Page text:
Selected Publications

Legge, J., P.J. Doran, M. Herbert, J. Asher, G. O’Neil, S. Mysorekar, S. Sowa and K. Hall.  In Press.  From model outputs to conservation action:  Prioritizing locations for implementing agricultural best management practices in a Midwestern Watershed.  Journal of Soil and Water Conservation.

Young, B.E, K.R. Hall, E. Byers, K. Gravuer, G. Hammerson, A. Redder, and K. Szabo.  In Press.  A Natural History Approach to Rapid Assessment of Plant and Animal Vulnerability to Climate Change  In: Conserving Wildlife Populations in a Changing Climate, J. Brodie, E. Post, and D. Doak, editors.  University of Chicago Press, Chicago, IL.

Groves, C.R., E.T. Game, M.G. Anderson, M. Cross, C. Enquist, Z. Ferdana, E. Girvetz, A. Gondor, K.R. Hall, J. Higgins, Rob Marshall, K. Popper, S. Schill, and S.L. Shafer.  2012.  Incorporating climate change into systematic conservation planning.  Biodviersity and Conservation [online open access at doi 10.1007/s10531-012-0269-3]

Hall, K.R. and T.L. Root.  2012.  Climate Change and Biodiversity in the Great Lakes Region:  From “Fingerprints” of Change To Helping Safeguard Species.  Chapter 4 in Climate Change in the Great Lakes Region, Navigating an Uncertain Future,  T. Dietz and D. Bidwell, editors.  Michigan State University Press, East Lansing, MI.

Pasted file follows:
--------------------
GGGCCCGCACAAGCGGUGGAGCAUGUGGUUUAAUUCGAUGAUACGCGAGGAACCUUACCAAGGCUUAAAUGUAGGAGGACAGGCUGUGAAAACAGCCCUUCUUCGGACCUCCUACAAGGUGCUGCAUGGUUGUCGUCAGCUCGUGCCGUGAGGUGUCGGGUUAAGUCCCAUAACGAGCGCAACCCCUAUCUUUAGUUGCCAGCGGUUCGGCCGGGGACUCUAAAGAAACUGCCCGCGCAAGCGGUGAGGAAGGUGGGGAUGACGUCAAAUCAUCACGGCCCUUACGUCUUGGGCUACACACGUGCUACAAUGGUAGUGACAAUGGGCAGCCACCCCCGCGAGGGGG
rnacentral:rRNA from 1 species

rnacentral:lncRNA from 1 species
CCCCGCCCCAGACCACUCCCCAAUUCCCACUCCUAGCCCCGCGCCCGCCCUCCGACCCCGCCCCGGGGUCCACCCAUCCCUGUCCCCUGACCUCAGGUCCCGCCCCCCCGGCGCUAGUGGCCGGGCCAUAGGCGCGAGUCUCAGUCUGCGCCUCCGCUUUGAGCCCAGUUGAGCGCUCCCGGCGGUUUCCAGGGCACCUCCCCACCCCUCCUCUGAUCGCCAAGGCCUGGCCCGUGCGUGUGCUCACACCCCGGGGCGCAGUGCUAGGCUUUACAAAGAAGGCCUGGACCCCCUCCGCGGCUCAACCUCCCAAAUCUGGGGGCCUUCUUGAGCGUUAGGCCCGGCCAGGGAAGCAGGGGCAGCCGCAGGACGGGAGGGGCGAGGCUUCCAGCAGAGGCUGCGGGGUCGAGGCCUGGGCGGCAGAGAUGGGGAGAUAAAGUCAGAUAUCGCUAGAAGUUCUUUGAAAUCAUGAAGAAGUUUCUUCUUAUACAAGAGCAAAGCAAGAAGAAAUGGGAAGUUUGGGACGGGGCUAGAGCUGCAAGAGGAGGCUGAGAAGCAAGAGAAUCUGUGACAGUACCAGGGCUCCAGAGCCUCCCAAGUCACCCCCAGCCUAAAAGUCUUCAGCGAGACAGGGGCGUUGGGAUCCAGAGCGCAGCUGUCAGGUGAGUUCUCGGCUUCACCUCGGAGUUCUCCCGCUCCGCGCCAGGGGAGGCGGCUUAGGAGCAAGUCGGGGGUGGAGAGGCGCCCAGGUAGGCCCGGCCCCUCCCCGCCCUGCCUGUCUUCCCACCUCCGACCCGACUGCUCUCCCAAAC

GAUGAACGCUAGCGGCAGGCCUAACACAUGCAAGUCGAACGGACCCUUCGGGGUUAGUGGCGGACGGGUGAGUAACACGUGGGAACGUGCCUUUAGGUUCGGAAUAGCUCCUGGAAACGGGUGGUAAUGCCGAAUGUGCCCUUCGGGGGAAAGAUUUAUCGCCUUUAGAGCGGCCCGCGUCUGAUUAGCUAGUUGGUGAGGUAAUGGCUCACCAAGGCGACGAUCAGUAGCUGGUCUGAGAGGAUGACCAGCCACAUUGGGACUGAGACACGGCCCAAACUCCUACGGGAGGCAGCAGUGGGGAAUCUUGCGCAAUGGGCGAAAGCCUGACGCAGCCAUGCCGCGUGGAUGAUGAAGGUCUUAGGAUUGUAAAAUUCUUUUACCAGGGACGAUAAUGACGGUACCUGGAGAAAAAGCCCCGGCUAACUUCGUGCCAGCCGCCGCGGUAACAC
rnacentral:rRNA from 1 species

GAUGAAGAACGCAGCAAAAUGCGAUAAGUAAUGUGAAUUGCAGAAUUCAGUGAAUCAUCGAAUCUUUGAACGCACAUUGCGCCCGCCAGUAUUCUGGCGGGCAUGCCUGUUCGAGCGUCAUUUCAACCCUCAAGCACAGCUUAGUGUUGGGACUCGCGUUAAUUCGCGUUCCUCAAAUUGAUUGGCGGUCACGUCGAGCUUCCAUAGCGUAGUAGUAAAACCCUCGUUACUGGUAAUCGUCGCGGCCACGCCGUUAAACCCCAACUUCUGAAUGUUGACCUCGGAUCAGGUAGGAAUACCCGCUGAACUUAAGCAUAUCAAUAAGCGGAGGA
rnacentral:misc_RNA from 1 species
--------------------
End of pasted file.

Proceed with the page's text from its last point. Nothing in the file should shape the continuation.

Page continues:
Ewert, D.N., K.R. Hall, J.M. Wunderle, Jr., D. Currie, S.M. Rockwell, S. Johnson, and J.D. White.  2012.  Spring migration of Kirtland’s Warblers:  How long and at what rate?  The Wilson Journal of Ornithology 124:  9-14.

Millington, J.D.A, M.B. Walters, M.S. Matonis, E.J. Laurent, K.R Hall, and J. Liu.  2011.  Combined long-term effects of variable tree regeneration and timber management on forest songbirds and timber production   Forest Ecology and Management 262 718-729 [doi:10.1016/j.foreco.2011.05.002]

Holmes, S.A., L.M. Curran, and K.R. Hall.  2008White-tailed deer (Odocoileus virginianus) alter herbaceous species diversity and understory forest structure in the Hiawatha National Forest, Michigan, USA.  American Midland Naturalist 159: 83-97.

Hall, K.R.  2008.  Comparing geographic boundaries in songbird demography data with vegetation boundaries: A new approach to delineating habitat quality.  Environmental and Ecological Statistics 15:491-521.

Kearns, L., E. Silverman, and K.R. Hall.  2006. Black-throated blue warbler and Veery abundance in relation to understory composition in northern Michigan forests.  The Wilson Journal of Ornithology 118: 461-470.

Shi, H., E.J. Laurent, J. LeBouton, L. Racevskis, K.R. Hall, M. Donovan, R.V. Doepker, M.B. Walters, F. Lupi, and J. Liu.  2006.  Local spatial modeling of white-tailed deer distribution.  Ecological Modelling 190: 171-189.

Root, T.L., J.T. Price, K.R. Hall, S.H. Schneider, C. Rosenzweig, and J.A. Pounds.  2003.  “Fingerprints” of global warming on animals and plants around the globe.  Nature 421: 57-60.

Hall, K.R., and S.L. Maruca.  2001.  Mapping a forest mosaic:  A comparison of vegetation and bird distributions using geographic boundary analysis.   Plant Ecology 156: 105-120.